Your article on how to bring swords to a gunfight was very interesting, and I’m dealing with a (somewhat) similar idea except that it involves characters. The plot’s picking up speed. Things are getting serious. Your protagonist is in over their head. They don’t know what’s going on and suddenly they’re smack in the middle of a punching match / firefight / laser battle / duel / car chase / some combination of the above. Oh, noes! You want your character to be super awesome and have a super awesome throw down, or at least survive the encounter, but they’re just your average protagonist with no fighting expertise! What should you do? Basically, my question is: how do you bring an inexperienced protagonist to a firefight?
This can also be a problem with groups of protagonists, where maybe only one has real fighting expertise or training and the others are suddenly deadweight as soon as the fight starts. And if you’re writing, say, a thriller, your character probably wouldn’t realistically survive their first elbow brush with the baddies, much less learn how to fight over the relatively short time span that most novels take place in. Is the only solution to this problem to give characters fighting backgrounds? Is there a way to bring an inexperienced protagonist to the top in a fight without snapping believability? What’re your thoughts?
Hey Bunny, nice to hear from you again!
I’ve seen the problem you’re describing in a lot of manuscripts. I’ve even started calling it the Frodo-Aragorn Problem: authors not only want their protagonist to be a sympathetic underdog, like Frodo, but also want them to be a super badass, like Aragorn, for all their cool battle sequences. Fortunately, there are a few solutions, though I wouldn’t call any of them quick fixes.
1. Make Your Character a Badass
If your story has a lot of fight scenes, it’s okay to revise the protagonist’s backstory so they’re good at fighting. This is usually easy to insert into their backstory, though the exact method will depend on your story’s setting. Perhaps the character has a military background, or perhaps they grew up fighting street battles with rival gangs. Even a background in sports like judo or boxing can go a long way in giving your character fighting skills.
The protagonist won’t have Frodo’s underdog sympathy, but that’s okay; there are other ways to make them sympathetic.
2. Avoid Fight Scenes
If your story is about a character who can’t fight, it’s okay not to have fight scenes. That way you don’t need to explain how a complete neophyte bests or escapes from a seasoned warrior. Some storytellers think they need action sequences to make their stories exciting, but they don’t. Action sequences are just one way to create conflict and tension. Your story can be about a small town’s political struggle to tear down an old building as long as you show how these stakes are compelling to the characters.
3. Focus on the Underdog’s Experience
Okay, if you’re set on fight scenes with a protagonist who isn’t good at fighting, you can still do that, but it’s tricky. When a fight scene starts, you have to focus on how the protagonist avoids danger, using what skills they have to make up for the skills they don’t. Returning to Lord of the Rings, when Frodo is in a fight, the story focuses on how he scrambles away from stronger enemies and hides in tiny crevices or uses his intelligence to outwit them. Your character might not have the skills necessary for a high-speed car chase, but they might know that they can take a shortcut through a local parking garage that never locks their gate.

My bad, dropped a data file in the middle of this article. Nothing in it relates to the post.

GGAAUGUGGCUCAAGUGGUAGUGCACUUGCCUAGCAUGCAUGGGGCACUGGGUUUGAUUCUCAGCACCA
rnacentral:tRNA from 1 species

There are limits to this method though. If the power between hero and villain is too skewed in the villain’s favor, it simply won’t be believable for the hero to escape. To address this, it can be helpful to include other characters who are better at fighting, the way LotR includes the rest of the fellowship. We don’t usually focus on Aragorn, especially early on; we just know he’s being a badass ranger while the hobbits are hiding. Tolkien makes this a little easier on himself by using an omniscient narration, but you can do it in limited as well. Just make sure the more fighty characters don’t overshadow the protagonist.
When using unconventional skills to get a protagonist out of trouble, it’s extra important to establish them ahead of time, since you’re asking the audience to accept that these skills will compensate for a serious power imbalance. If your hero is going to use their knowledge of the city to escape a car chase, the audience needs to know about that ahead of time.
4. Train the Underdog
If you’re going with option three, it can also be helpful to show the hero gaining combat skills as the story goes on. This works best in longer stories since it’ll seem painfully unrealistic if the hero suddenly acquires a black belt between scenes. Rather than a sudden change, you can show the character getting slowly better after each encounter as well as the occasional training sequence. That way your hero can start off not knowing which end of the sword to hold and end the story by defeating the villain in a duel.
You may have guessed by now, but this is what Lord of the Rings does. Frodo never reaches Aragorn’s level of badassery, but he and the other hobbits get noticeably better as the trilogy goes on, culminating in the Scouring of the Shire, where they lead the other hobbits in a battle to oust Saruman and his cronies. When done properly, this kind of slow transformation is incredibly satisfying.
Finally, a few articles that touch on the subjects mentioned above.
- Twelve Traits of a Lovable Hero
- How to Narrate a Riveting Fight Scene
- Five Archetypes That Can Steal a Hero’s Spotlight
- The Why & How of Foreshadowing
Hope that answers your question!